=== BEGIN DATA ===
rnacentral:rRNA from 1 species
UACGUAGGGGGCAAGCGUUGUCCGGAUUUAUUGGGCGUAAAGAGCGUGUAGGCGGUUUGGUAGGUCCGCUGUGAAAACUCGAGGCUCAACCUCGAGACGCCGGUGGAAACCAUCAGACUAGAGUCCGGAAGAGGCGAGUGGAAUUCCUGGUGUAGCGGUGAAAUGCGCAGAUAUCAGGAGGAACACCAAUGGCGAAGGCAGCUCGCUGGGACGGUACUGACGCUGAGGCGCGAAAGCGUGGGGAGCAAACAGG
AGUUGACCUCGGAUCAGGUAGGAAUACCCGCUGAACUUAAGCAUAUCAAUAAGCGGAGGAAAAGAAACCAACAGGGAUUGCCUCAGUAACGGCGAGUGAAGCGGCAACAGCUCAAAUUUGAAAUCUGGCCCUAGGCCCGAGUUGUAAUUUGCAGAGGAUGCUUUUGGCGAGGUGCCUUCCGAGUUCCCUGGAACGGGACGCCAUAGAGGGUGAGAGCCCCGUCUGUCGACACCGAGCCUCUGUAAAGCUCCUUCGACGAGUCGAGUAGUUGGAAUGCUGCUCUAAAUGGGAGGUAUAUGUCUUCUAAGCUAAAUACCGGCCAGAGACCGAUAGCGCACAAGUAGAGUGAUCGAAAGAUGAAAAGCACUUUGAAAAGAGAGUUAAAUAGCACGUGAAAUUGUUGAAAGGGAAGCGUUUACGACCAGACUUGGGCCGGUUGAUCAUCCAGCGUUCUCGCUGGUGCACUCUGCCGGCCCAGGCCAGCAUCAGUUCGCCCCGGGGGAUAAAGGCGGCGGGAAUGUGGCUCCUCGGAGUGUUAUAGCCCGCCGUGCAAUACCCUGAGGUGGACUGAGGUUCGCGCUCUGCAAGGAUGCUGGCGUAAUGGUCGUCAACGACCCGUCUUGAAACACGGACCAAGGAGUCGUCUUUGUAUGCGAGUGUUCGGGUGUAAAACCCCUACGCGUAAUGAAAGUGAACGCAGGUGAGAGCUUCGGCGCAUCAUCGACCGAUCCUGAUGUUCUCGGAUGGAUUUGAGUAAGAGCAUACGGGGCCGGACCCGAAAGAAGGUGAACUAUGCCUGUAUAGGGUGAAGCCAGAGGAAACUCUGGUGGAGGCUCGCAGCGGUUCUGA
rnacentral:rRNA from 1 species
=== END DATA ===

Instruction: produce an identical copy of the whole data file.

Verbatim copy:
rnacentral:rRNA from 1 species
UACGUAGGGGGCAAGCGUUGUCCGGAUUUAUUGGGCGUAAAGAGCGUGUAGGCGGUUUGGUAGGUCCGCUGUGAAAACUCGAGGCUCAACCUCGAGACGCCGGUGGAAACCAUCAGACUAGAGUCCGGAAGAGGCGAGUGGAAUUCCUGGUGUAGCGGUGAAAUGCGCAGAUAUCAGGAGGAACACCAAUGGCGAAGGCAGCUCGCUGGGACGGUACUGACGCUGAGGCGCGAAAGCGUGGGGAGCAAACAGG
AGUUGACCUCGGAUCAGGUAGGAAUACCCGCUGAACUUAAGCAUAUCAAUAAGCGGAGGAAAAGAAACCAACAGGGAUUGCCUCAGUAACGGCGAGUGAAGCGGCAACAGCUCAAAUUUGAAAUCUGGCCCUAGGCCCGAGUUGUAAUUUGCAGAGGAUGCUUUUGGCGAGGUGCCUUCCGAGUUCCCUGGAACGGGACGCCAUAGAGGGUGAGAGCCCCGUCUGUCGACACCGAGCCUCUGUAAAGCUCCUUCGACGAGUCGAGUAGUUGGAAUGCUGCUCUAAAUGGGAGGUAUAUGUCUUCUAAGCUAAAUACCGGCCAGAGACCGAUAGCGCACAAGUAGAGUGAUCGAAAGAUGAAAAGCACUUUGAAAAGAGAGUUAAAUAGCACGUGAAAUUGUUGAAAGGGAAGCGUUUACGACCAGACUUGGGCCGGUUGAUCAUCCAGCGUUCUCGCUGGUGCACUCUGCCGGCCCAGGCCAGCAUCAGUUCGCCCCGGGGGAUAAAGGCGGCGGGAAUGUGGCUCCUCGGAGUGUUAUAGCCCGCCGUGCAAUACCCUGAGGUGGACUGAGGUUCGCGCUCUGCAAGGAUGCUGGCGUAAUGGUCGUCAACGACCCGUCUUGAAACACGGACCAAGGAGUCGUCUUUGUAUGCGAGUGUUCGGGUGUAAAACCCCUACGCGUAAUGAAAGUGAACGCAGGUGAGAGCUUCGGCGCAUCAUCGACCGAUCCUGAUGUUCUCGGAUGGAUUUGAGUAAGAGCAUACGGGGCCGGACCCGAAAGAAGGUGAACUAUGCCUGUAUAGGGUGAAGCCAGAGGAAACUCUGGUGGAGGCUCGCAGCGGUUCUGA
rnacentral:rRNA from 1 species